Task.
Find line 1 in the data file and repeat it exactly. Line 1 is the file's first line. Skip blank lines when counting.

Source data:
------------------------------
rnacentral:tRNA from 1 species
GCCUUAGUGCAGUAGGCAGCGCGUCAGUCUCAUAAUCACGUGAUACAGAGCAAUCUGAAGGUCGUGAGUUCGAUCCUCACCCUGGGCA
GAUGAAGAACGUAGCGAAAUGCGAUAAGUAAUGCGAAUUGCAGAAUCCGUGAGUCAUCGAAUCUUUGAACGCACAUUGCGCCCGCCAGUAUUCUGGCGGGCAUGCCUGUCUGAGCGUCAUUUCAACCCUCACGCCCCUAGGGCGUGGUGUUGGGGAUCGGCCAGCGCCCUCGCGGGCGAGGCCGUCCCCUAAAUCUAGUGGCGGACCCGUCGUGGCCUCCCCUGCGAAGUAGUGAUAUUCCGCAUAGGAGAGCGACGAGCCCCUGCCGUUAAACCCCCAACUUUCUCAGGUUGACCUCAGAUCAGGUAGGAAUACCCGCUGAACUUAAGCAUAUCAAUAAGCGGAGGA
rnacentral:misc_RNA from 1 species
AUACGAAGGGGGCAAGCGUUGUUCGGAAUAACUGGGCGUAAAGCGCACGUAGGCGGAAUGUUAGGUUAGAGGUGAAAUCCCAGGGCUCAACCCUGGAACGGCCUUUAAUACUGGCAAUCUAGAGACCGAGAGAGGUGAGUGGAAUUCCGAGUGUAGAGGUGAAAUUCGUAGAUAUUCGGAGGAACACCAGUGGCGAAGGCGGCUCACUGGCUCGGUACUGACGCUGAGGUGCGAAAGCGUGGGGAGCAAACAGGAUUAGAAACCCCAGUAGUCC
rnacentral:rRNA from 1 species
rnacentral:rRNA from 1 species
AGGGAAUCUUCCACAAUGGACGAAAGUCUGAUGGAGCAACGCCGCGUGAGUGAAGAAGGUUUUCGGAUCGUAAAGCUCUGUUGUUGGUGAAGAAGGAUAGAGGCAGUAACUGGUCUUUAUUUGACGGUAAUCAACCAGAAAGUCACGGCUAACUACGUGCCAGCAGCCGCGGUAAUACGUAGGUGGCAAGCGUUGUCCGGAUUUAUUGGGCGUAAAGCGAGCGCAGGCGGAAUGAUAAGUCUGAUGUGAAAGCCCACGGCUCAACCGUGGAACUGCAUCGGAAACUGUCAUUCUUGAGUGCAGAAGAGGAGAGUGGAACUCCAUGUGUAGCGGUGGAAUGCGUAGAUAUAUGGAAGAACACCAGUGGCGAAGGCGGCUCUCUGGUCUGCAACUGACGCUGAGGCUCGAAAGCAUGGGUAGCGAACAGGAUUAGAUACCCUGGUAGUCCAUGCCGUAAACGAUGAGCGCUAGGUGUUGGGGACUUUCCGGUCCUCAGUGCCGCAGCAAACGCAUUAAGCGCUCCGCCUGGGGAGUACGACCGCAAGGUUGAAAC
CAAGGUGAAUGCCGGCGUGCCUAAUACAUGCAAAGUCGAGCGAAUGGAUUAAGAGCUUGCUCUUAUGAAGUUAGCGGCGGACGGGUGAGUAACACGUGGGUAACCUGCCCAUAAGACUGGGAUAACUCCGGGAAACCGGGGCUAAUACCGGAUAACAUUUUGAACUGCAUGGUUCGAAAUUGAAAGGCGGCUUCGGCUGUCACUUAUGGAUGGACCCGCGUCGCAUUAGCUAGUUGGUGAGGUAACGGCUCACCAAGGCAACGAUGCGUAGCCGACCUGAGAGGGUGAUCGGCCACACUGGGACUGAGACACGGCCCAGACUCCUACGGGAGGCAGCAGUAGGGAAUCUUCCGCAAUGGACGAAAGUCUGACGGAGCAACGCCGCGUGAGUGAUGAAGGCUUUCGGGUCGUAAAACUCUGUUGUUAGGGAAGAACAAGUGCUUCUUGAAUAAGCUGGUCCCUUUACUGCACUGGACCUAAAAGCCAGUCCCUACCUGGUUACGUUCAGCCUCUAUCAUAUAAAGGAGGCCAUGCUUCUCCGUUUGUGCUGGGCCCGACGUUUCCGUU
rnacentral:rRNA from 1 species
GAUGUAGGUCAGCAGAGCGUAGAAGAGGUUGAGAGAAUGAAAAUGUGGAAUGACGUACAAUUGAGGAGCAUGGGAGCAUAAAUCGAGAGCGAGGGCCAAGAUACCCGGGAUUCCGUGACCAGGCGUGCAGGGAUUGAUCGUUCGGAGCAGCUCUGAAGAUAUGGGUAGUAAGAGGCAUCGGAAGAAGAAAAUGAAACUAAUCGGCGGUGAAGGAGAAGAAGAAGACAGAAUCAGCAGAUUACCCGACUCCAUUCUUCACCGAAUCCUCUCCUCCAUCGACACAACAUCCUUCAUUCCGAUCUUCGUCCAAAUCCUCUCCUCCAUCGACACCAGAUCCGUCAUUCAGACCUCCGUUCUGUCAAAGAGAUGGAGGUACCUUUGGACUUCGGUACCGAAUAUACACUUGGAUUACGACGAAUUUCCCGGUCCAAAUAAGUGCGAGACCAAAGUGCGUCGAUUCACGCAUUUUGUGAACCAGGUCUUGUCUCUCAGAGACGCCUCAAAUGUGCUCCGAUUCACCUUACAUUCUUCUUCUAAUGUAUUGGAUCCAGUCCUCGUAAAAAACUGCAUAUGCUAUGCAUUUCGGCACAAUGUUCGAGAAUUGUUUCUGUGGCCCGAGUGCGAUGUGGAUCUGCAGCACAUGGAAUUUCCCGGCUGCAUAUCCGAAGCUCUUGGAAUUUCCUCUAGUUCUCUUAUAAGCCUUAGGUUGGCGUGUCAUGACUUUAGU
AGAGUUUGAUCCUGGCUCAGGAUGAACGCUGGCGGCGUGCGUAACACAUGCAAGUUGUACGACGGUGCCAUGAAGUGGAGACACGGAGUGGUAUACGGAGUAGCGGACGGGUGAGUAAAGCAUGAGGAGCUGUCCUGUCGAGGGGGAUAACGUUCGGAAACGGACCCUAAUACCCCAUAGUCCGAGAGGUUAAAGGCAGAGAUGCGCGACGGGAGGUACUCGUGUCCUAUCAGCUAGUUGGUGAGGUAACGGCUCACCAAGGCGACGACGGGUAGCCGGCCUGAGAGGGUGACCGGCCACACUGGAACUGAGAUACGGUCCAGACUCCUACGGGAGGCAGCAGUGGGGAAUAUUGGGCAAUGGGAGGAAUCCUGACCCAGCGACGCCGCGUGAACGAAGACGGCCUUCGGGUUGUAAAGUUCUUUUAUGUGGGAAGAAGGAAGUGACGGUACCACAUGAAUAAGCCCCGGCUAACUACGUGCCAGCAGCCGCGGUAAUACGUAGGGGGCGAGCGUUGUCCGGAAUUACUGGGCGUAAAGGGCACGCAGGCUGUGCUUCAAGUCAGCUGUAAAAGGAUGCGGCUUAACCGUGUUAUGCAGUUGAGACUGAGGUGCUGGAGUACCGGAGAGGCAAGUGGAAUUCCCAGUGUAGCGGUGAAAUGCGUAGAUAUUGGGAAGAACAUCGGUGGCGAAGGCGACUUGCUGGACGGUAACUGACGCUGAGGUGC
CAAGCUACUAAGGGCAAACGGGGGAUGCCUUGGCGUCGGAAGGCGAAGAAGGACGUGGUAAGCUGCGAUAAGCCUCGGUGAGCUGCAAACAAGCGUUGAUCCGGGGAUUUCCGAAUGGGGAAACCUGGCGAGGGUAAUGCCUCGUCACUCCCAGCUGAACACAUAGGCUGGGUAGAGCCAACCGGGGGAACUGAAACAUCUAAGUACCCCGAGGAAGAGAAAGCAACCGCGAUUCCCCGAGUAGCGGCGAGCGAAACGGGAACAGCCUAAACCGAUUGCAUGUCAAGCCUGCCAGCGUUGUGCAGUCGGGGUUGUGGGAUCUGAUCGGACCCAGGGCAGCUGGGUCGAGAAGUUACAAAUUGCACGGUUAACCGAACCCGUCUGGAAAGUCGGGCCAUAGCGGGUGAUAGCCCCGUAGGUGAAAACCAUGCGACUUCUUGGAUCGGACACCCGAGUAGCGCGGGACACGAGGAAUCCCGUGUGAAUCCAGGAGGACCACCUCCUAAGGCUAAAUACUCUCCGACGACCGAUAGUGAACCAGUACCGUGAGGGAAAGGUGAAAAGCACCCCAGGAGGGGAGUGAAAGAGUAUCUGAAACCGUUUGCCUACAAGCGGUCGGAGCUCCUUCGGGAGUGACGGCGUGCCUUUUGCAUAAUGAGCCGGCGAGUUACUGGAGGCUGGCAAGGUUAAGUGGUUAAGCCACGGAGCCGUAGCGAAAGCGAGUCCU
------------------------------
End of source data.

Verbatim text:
rnacentral:tRNA from 1 species